Are you writing to professional photographers who need to know how to get an edge over the competition, or are you writing to newcomers who have never held a camera before? Maybe somewhere in between? You can focus on whatever audience you like, but you need to choose one so that you can decide your blog’s tone and content.

Create a Persona

One way to understand your audience is to create a persona of your perfect target audience member. This essentially means creating a mock-up of the ideal person you hope to reach with your blog.

Here is an example of a target audience persona:

Bob Buxton Persona

Having a persona for your perfect audience member helps you to visualize and understand who you are writing for and provides important direction to your content.

Be Your Own Persona

Another popular way to find your perfect target audience is to be your own persona. Many of the best products and services come from scratching your own itch. It’s possible you’ve searched for the perfect photography blog to read, came up short, and decided to create it yourself. This makes you the perfect audience member for your own blog.

This can be a great strategy for creating highly effective content. If you’ve noticed a meaningful omission in blog content, chances are you are not alone. By writing personally satisfying content you are likely to reach an audience in search of the same things.

Where Is Your Audience Hanging Out?

No web content exists in a vacuum. While you should strive to create uniquely entertaining content for your blog, your target audience is almost certainly already out there reading other blogs, engaging on specialized forums, and using social media. Finding the sites where your audience already mingles is a great way to discover what topics they are most interested in, what language they are using, and what valuable content you can add to that mix.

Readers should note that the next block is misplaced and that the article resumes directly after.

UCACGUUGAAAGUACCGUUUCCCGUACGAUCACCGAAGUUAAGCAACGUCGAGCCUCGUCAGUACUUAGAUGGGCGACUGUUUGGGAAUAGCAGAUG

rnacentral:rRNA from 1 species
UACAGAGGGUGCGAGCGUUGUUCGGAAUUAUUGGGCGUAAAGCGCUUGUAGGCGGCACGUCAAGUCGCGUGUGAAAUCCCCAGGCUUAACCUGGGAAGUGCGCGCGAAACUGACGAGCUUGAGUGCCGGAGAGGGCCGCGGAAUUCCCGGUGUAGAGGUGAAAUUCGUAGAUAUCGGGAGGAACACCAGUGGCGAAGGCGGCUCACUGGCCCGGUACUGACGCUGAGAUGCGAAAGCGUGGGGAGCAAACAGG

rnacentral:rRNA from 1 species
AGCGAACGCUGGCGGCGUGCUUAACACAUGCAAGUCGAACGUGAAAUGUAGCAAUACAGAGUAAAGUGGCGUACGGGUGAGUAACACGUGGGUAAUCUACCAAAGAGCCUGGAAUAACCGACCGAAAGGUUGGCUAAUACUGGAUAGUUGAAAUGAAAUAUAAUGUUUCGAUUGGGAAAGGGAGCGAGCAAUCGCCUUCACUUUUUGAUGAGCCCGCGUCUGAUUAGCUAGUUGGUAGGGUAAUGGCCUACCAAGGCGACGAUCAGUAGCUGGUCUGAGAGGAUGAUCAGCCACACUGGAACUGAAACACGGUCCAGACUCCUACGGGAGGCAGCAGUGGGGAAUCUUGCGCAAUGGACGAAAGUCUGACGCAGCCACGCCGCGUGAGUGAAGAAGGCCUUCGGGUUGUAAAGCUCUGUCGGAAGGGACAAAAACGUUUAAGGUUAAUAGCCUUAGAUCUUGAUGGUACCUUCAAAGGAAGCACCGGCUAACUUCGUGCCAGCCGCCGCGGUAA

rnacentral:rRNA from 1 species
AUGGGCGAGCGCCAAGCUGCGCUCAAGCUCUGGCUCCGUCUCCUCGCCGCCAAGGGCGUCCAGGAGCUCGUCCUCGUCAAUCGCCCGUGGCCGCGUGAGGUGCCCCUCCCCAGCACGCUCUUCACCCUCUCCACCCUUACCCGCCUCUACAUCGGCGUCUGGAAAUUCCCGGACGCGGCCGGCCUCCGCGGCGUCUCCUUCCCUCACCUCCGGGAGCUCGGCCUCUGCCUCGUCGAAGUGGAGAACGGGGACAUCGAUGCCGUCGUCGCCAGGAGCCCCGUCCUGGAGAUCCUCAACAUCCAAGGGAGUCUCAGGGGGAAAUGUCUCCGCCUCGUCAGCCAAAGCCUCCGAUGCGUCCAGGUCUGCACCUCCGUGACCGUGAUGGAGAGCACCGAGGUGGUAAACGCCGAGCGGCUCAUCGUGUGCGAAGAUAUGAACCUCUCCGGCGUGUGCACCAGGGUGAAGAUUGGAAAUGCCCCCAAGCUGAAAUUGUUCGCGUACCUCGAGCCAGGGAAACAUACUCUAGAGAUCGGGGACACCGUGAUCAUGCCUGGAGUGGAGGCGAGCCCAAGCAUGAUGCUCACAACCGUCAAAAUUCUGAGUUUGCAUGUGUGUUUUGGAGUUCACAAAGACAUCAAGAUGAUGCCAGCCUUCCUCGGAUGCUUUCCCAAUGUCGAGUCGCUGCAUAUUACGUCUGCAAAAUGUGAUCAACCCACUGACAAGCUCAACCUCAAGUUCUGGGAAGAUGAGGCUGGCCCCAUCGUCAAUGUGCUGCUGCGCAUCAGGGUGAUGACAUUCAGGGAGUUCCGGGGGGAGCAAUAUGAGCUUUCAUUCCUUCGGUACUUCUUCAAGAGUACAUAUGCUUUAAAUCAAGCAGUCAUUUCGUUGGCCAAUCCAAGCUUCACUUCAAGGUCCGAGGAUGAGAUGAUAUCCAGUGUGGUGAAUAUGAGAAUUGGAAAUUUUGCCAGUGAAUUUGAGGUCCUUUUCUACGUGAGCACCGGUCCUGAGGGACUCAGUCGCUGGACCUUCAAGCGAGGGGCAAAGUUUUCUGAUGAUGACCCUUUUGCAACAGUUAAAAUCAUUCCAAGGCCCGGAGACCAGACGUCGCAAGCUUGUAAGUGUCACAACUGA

Some examples for your photography blog may include:

  • PhotographyBlog.com
  • ExpertPhotography.com
  • PhotoBlog.com
  • PhotographyConcentrate.com

Visiting these sites is also a great way to begin engaging with your audience before your blog has even gone live. Jump into conversations on forums and in comments sections and get to know the people you’ll be writing for. This is a great, organic way to build relationships and direct people to your blog in its early days. Sharing your passion with like-minded people will make them more excited and passionate about supporting you in your blogging endeavor.

How Will You Present Your Work?

Traditionally, when most people think about a blog they picture written content on a page. However, there are several different ways to present your ideas on your blog, depending on your subject matter and target audience. Every blog will thrive with different formats, so it’s important to think carefully about how to best showcase your content before you start.

There are several effective methods of presenting the material on your photography blog. They include:

Evergreen Articles

As the name suggests, evergreen articles are composed of content that lasts. These articles are designed to have a long shelf life and continue drawing readers to your blog over time. They are typically long-form, text-based articles that delve more deeply into a particular topic.